The Medusoid Euphorbias are easily identified. A (usually) large body is covered with arms. The arms may be stubby and widely spaced (euphorbia decepta), or they may be long, snake-like and closely spaced (euphorbia caput-medusae). For all of the Medusoid Euphorbias, the central thickened stem is equivalent to a caudex. It is the central storage region, and can act as a reservoir for nutrients and moisture in times of stress. Many of the Medusoids will shed their arms (branches) during extended droughts, regrowing new ones when the rains return.
Medusoid Euphorbias come from a wide range of habitats, with Cape Province, South Africa being Medusoid central; but all go through extended periods of low moisture. Cultivation for many is relatively easy; as long as attention is paid to not watering during periods of dormancy. There are generally two periods of dormancy, a long one during the late fall and winter (mid November through the end of February) and a shorter one during the peak of the summer heat (a few weeks in August and September). The arrival of the summer one is harder to predict, and over-watering in late summer can result in root rot. In spit of the sensitivity, most of the Medusoid Euphorbias do well as unprotected pot plants outdoors in Southern California during the winter.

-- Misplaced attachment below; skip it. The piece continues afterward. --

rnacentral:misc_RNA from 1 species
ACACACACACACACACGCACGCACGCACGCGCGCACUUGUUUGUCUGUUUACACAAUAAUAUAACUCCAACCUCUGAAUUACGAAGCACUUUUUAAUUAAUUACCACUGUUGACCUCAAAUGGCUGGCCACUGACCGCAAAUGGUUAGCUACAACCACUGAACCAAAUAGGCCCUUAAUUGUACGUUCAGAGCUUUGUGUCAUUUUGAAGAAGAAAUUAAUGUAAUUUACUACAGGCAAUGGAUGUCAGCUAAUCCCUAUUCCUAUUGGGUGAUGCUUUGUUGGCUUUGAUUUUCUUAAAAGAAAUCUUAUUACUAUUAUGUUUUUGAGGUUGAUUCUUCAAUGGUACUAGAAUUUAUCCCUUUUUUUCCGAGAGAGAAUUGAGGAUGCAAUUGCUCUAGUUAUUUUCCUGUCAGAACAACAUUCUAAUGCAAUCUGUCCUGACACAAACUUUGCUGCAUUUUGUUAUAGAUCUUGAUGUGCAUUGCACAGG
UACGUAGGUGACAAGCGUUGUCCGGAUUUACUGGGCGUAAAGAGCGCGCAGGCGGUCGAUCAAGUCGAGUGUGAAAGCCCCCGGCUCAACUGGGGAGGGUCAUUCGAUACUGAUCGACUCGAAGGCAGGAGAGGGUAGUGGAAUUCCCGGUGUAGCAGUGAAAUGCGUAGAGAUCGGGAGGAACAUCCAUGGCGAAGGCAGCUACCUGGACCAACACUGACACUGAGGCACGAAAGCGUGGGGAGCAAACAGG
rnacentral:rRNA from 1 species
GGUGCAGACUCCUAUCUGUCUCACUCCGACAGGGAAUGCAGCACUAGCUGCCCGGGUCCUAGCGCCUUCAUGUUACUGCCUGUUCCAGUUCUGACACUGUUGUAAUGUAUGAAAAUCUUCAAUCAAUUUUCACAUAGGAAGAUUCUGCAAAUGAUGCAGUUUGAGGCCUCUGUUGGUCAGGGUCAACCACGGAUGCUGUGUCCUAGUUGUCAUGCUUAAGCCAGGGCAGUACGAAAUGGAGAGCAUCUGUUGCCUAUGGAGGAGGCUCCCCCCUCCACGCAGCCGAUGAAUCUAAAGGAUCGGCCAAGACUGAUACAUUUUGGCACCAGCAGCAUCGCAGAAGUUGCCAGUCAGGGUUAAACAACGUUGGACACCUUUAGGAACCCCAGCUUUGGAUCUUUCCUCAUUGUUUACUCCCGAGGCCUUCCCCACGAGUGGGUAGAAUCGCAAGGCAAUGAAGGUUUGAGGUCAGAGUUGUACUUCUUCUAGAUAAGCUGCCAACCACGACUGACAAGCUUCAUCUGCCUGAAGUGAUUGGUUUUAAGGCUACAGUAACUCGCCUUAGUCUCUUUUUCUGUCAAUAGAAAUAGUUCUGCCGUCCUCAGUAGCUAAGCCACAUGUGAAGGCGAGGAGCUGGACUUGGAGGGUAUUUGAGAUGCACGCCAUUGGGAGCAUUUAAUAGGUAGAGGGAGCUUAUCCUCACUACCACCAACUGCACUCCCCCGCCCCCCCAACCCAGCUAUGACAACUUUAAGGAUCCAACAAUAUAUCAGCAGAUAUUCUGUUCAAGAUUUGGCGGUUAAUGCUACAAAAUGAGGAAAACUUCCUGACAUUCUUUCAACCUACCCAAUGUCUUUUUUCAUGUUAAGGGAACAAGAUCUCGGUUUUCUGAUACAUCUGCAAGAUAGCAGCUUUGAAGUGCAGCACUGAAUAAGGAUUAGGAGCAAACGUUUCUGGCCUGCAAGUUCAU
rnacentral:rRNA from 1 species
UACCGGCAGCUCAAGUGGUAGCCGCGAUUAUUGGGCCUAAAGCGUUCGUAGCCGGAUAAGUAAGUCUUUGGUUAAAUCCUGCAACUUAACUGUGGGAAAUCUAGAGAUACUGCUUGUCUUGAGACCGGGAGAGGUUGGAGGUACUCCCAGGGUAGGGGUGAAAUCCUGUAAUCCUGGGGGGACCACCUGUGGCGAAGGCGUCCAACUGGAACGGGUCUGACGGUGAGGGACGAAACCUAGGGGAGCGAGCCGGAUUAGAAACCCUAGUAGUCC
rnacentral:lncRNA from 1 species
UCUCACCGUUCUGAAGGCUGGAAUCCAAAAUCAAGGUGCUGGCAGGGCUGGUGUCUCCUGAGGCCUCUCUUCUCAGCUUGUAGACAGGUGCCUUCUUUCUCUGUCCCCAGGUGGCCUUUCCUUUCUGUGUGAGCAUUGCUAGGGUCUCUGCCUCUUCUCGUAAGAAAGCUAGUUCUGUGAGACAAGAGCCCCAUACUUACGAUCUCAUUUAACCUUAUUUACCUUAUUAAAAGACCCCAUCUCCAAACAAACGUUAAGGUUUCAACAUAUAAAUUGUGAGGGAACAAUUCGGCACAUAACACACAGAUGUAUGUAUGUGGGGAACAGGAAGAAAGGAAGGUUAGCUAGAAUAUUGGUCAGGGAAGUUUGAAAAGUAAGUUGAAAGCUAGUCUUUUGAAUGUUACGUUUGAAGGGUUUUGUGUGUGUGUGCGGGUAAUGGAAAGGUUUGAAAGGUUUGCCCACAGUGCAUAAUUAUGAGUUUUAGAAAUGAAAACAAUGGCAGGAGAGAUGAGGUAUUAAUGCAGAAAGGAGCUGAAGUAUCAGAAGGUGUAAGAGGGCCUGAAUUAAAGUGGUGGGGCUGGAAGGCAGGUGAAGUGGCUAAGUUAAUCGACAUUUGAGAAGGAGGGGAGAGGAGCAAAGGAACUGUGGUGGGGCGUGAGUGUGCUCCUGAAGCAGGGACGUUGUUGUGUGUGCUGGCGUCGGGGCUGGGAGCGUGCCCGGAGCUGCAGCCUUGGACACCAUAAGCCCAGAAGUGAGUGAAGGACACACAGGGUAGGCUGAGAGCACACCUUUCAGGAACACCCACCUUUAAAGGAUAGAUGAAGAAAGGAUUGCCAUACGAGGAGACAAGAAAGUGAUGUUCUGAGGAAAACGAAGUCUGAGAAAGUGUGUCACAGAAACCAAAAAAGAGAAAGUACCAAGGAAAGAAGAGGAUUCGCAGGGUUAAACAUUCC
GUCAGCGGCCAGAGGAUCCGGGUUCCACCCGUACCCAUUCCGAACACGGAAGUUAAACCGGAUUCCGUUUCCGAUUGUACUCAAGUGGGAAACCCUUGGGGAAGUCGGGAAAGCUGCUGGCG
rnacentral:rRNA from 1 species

It’s nearly impossible to find seed for most of the Medusoid euphorbias; in general, the seed is short lived (months). Vegetative propagation is easier. Most Medusoid euphorbias can be propagated from arm cuttings, although an extended period will be required before the plant is worth showing.
Species of note:
Euphorbia caput-medusae is the classic species. It is from Cape Province, with a caudex of up to 8 inches in diameter. The branches are long and serpentine. It’s the most snake-like of all the species.
Euphorbia decepta is from Cape Province South Africa. The caudex is 2 to 4 inches thick, and the branches generally less than an inch long. In habitat, the branches are deciduous, but in cultivation they stay on the plant all year. Seedlings of this plant look like World War ll floating mines.
Euphorbia flanaganii is one of the most common and easily grown of the medusoids. The central caudex is generally two or three inches across. It grows quickly, offsets readily, and can rapidly fill a large bowl with medusoid plants.
Euphorbia fortuita comes from Ladismith in Cape Province. It has a tuberous main root that merges into the main caudex, and stiff cylindrical branches usually about 4 inches long, but occasionally one will be twice as long.
Euphorbia fusca, will produce secondary heads quickly. These can be removed to start new plants.
Euphorbia gorgonis is another species from Cape Province near Grahamstown. The caudex is mostly subterranean. It has short tuberculate branches that turn red in strong light.
Euphorbia woodii is from Natal, but similar to Euphorbia flanaganii in appearance. Most of the caudex and a large turnip like root are subterranean.
Used with permission from Tom Glavich.